By Nicole Itkin – GUEST REVIEWER
A wave. A could have been. A what if?
A simple moment, yes. And one you won’t be able to get out of your head.
In The Funny Thing About Death, Kim Kalish doesn’t show the audience her stories, the moments that mean something to her; she paints them and then gives her hand to the audience to step inside.
Rare is a storyteller who doesn’t just tell you what she’s gone through but takes you along. Rare is the story that will make you laugh and cry in the same breath.
Kim doesn’t just reach a hand out. She puts every limb out. She’ll get you to where you’re going.
All you have to do is hold on.
Hold on through Kim’s depiction of her memories– beautiful, emotional, and simple. And hold on through her many, many questions: Who in our lives will be there for us when we need them? In what way will they be there? Can time alone show us? Really?
The Funny Thing About Death is a story about duality: the duality of emotion and the duality of responsibility. The duality of the emotions that Kim conveys (the emotion that comes with the moment, with remembering the moment, and with relaying the moment). The duality of the responsibility, of who is responsible and who will be responsible after grief has stepped into the room.
Kim shows us how, in the aftermath of grief, what’s most painful is duality– especially when it feels self-actualized, like its own being. Riled up, punching you over and over again. Calmed down, producing a drumbeat that you can’t shake.
“What stage of grief is Katy Perry?” Kim asks the audience. It’s not a surprise to assert, as Kim does, that the stages of grief aren’t linear. But it is a shock to be brought through them, to feel like you’re swinging back and forth between them. And it is a shock to feel so much joy to be allowed, pushed even, to do just that.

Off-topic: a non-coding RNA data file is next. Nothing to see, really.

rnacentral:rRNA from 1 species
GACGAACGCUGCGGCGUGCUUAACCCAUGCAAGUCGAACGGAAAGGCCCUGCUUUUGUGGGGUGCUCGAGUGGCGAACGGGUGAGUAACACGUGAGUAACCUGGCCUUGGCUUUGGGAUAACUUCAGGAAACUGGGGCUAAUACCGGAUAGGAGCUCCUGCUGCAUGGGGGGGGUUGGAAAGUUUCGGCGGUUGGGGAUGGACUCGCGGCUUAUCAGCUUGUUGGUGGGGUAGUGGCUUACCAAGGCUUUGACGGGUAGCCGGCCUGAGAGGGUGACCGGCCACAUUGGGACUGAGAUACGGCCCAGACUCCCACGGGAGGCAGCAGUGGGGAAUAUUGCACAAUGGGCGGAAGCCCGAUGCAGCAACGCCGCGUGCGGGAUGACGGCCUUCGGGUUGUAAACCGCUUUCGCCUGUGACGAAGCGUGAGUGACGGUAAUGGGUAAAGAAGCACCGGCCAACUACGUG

For the duration of the show, I felt like I was being pulled– to Kim and to the rest of the audience. Maybe it’s the warm stage of The Cell, certainly an intimate space, that lent to such a feeling of closeness. But I find it difficult to believe any space would be too big for such a masterful performance.
The Funny Thing About Death touched me. And from the sniffles followed by uproarious laughter followed once again by hands wiping at eyes around me, I know I wasn’t alone.
This is a must-see show for any one who has suffered loss and that is all of us.
The Funny Thing About Death written and performed by Kim Kalish is part of the Origin 1st Irish Theatre Festival. Directed by Patrick Cavanaugh and produced by Michael Tennant, Steve Holm and Jason Brown.
Stage Manager Carol O Sullivan, Light Design by Dalia Sevilla, Tech Director Frank Hartley
The Cell 338 West 23rd Street
Running Time: 60 minutes No Intermission
About Guest Author:
Nicole Itkin is a student at Amherst College, constantly on the search for new writing spots. You’ll probably find her writing poetry, coming up with character voices, or reading, reading, and re-reading. As a collaborator for Polyphony Lit workshops and the Kids Creative Collective, she reads, writes, and creates with people who are just as invested in all of the little details as she is.